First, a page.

According to the wiki page the 747 has a max takeoff "weight" of about 350,000 kg (depending on the model) and a wing surface of about 500 m2. That means that a force of 3.5 MN must be carried by 5 million square cm, or 0.7 N per square cm.

If you can somehow split this evenly between the top and bottom surface, then you need to come up with a paper surface that can carry the equivalent of a 35 g mass (about 1 oz) on every square cm of its surface.

Clearly, unless you have a relatively dense-meshed (honey comb?) structure right below the skin, your paper will not be able to withstand that kind of force over a very large distance. To support this kind of pressure the paper will need to have curvature - as you can see clearly in this photo of a "thin skinned" (model) plane source

enter image description here

The curvature, the tensile strength, and the pressure difference, are all related. For simplicity, in a spherical object (balloon) of radius $r$ you can see that the tension relates to the pressure difference by looking at the circumference ($2\pi \; R$) that has to support the force (pressure times area, $\pi R^2 \Delta P$). It follows that the tension in the surface is

$$2\pi R T = \pi R^2 P\\ T = \frac{Pr}{2}$$

Here, $R$ is the radius of curvature. The larger the radius of curvature (the flatter the surface - i.e. the more "tightly stretched") the greater the tension needed to support the weight.

According to slide 4 of these lecture notes :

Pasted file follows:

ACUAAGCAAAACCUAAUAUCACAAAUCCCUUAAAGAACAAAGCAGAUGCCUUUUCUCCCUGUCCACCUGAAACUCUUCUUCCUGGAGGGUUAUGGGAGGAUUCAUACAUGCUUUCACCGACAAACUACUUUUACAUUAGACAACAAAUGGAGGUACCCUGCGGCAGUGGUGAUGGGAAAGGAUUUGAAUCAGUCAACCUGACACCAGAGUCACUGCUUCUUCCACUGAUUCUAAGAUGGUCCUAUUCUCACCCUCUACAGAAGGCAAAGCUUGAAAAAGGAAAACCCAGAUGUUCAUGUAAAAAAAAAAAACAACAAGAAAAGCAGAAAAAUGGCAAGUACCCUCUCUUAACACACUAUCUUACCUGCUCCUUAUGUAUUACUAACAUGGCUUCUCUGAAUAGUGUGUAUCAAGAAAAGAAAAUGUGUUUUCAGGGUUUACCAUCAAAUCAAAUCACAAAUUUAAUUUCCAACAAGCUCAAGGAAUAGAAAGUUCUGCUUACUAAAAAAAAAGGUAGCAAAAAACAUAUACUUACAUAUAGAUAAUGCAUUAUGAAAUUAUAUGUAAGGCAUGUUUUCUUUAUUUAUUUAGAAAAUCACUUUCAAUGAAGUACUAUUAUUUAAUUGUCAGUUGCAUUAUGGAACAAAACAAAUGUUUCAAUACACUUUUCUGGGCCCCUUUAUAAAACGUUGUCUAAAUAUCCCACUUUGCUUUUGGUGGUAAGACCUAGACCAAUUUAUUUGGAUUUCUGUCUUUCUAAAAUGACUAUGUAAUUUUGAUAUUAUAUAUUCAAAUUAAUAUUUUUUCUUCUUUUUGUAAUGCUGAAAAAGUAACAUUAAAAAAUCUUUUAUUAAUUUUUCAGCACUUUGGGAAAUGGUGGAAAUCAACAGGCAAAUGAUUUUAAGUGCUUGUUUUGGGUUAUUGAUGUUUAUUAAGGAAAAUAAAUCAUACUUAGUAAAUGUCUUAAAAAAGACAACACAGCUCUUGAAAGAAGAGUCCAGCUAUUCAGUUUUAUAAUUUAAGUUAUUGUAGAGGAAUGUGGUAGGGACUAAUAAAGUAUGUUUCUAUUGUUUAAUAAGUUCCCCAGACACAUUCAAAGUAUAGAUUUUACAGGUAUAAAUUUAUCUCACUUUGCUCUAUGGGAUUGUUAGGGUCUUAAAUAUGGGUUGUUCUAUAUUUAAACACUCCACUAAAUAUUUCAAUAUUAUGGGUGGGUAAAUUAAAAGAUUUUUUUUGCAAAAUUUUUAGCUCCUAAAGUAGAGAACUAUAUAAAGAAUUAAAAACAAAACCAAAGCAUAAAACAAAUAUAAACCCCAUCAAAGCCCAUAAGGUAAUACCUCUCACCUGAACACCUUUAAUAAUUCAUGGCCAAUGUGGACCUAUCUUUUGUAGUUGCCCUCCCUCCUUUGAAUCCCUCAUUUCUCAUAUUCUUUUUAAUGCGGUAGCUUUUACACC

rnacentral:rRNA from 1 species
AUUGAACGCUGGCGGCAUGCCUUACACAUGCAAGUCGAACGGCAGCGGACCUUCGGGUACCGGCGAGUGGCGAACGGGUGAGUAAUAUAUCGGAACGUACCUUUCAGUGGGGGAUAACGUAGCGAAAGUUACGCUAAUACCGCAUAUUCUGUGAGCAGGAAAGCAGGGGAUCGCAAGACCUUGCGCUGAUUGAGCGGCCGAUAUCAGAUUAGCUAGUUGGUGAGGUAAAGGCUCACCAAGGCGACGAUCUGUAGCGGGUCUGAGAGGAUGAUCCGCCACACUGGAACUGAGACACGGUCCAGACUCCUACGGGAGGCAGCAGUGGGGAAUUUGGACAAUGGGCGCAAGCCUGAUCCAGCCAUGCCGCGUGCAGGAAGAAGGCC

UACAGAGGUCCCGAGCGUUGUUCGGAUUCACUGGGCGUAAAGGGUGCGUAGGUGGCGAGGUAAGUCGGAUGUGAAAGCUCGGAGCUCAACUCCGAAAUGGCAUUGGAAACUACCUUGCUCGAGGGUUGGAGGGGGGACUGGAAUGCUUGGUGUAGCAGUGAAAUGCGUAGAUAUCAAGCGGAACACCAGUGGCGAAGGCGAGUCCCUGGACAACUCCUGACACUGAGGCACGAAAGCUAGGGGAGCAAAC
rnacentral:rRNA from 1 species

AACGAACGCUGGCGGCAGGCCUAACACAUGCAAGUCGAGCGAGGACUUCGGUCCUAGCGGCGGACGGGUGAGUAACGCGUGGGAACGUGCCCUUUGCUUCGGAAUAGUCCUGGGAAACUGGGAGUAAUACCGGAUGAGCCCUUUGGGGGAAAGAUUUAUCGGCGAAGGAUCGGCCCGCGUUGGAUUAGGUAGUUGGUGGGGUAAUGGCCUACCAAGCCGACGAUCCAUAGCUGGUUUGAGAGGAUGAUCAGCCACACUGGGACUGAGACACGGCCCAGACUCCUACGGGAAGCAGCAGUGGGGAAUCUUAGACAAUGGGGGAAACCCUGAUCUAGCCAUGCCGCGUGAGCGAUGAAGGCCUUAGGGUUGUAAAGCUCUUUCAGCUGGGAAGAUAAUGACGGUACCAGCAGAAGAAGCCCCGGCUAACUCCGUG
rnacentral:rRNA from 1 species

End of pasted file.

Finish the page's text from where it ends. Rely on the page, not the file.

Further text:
enter image description here

the paper used in their test had a tensile strength of about 7 kg/cm, or 7000 N/m. According to the above formula, this means it needs a radius of curvature less than

$$R_{max} = \frac{2T}{P} = \frac{2\cdot 7000}{0.35\cdot 10^4} = 4 \mathrm{\;m}$$

So the radius of curvature must be less than 4 m if we can divide the pressure over both surfaces; if we magically wanted to create a single curved wing out of paper that could carry this force, it would have to have a radius of curvature of less than 2 m. If you have curvature in only one direction (more likely - in fact, you will be bending some of the paper "the wrong way" which makes things much worse) you need to halve the radius of curvature to 2 m even for double sided support. The width of the 747 wing is considerably greater than that: so you can only do this if you have multiple struts along the wing to support the paper. In fact, if you assume you will allow a 10 cm deviation from "flat", then the spacing of the struts (for 2 m radius of curvature) will be

$$ d = 2\sqrt{2 R h} = 2\sqrt{0.4} \approx 1.2 \mathrm{m}$$

This is not a completely implausible number. I would not want to build a plane like that... but it is not completely implausible.

That is quite surprising.

  • $\begingroup$ Thanks very much taking the time for a very comprehensive answer Floris, I worded the question badly, I should have stressed that the airfoil section and wing area would be identical to the real aircraft. I have flown planes myself and I felt strongly it should work, in theory only. Thanks again for your time. $\endgroup$
    – user81619
    Jul 24 '15 at 21:16

Your Answer

By clicking “Post Your Answer”, you agree to our terms of service, privacy policy and cookie policy